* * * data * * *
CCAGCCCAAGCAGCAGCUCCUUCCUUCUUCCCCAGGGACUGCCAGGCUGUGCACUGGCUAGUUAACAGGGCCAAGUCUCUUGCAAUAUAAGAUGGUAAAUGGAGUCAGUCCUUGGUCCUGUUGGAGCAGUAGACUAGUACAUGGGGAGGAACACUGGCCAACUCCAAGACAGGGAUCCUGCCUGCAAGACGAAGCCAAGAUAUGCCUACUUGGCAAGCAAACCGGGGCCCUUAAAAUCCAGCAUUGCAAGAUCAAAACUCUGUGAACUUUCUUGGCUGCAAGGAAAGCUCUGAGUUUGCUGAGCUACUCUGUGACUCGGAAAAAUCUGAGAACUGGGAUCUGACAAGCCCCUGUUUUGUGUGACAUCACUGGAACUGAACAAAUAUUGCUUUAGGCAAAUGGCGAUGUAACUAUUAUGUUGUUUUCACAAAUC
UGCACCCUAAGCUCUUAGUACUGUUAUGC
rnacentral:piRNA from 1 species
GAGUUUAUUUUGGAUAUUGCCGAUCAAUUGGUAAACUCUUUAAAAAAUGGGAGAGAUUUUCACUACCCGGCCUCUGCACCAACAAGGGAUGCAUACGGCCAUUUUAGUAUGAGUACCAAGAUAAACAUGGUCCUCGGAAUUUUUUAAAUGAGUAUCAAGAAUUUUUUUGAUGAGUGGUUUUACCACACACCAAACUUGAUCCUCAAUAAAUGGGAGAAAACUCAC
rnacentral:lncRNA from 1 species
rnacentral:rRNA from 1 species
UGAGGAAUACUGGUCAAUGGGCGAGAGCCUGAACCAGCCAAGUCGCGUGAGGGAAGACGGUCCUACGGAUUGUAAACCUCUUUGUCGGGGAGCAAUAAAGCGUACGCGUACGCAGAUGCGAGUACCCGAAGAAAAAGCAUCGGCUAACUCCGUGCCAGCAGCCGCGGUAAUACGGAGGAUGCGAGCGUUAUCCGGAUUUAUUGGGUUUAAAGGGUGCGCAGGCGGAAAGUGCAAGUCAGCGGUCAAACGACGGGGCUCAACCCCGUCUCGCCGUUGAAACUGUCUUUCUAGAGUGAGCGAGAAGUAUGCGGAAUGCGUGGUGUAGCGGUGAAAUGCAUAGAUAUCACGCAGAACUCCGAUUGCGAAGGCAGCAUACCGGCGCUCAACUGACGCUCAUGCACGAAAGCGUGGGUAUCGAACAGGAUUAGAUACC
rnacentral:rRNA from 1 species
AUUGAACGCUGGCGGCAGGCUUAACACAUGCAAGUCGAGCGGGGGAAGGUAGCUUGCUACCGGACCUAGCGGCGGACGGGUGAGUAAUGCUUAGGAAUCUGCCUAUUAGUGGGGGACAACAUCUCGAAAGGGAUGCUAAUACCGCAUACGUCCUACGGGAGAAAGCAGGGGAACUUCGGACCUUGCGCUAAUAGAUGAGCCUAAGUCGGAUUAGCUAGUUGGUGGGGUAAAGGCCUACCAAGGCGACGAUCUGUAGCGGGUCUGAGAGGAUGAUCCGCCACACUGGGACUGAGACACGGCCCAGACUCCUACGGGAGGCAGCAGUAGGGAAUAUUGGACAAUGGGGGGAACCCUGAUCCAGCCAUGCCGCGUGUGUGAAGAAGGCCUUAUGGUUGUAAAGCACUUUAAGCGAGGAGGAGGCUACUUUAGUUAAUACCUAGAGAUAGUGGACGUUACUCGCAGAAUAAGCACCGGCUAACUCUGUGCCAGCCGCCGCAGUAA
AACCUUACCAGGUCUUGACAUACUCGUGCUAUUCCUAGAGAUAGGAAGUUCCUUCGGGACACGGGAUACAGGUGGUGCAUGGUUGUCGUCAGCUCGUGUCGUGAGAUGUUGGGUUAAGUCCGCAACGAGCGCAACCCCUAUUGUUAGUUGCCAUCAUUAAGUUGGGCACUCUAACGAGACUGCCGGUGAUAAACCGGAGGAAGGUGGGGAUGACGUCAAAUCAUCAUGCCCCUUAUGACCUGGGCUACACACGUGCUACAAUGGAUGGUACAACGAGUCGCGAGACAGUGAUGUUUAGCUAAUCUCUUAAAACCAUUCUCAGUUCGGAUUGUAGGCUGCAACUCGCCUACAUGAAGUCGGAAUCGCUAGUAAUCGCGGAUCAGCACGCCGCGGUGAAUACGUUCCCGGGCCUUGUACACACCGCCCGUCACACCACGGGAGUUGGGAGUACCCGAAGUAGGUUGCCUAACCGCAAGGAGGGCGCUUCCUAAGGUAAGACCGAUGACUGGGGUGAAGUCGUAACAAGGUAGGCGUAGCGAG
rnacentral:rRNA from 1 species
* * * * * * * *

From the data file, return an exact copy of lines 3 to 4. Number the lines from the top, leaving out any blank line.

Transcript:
rnacentral:piRNA from 1 species
GAGUUUAUUUUGGAUAUUGCCGAUCAAUUGGUAAACUCUUUAAAAAAUGGGAGAGAUUUUCACUACCCGGCCUCUGCACCAACAAGGGAUGCAUACGGCCAUUUUAGUAUGAGUACCAAGAUAAACAUGGUCCUCGGAAUUUUUUAAAUGAGUAUCAAGAAUUUUUUUGAUGAGUGGUUUUACCACACACCAAACUUGAUCCUCAAUAAAUGGGAGAAAACUCAC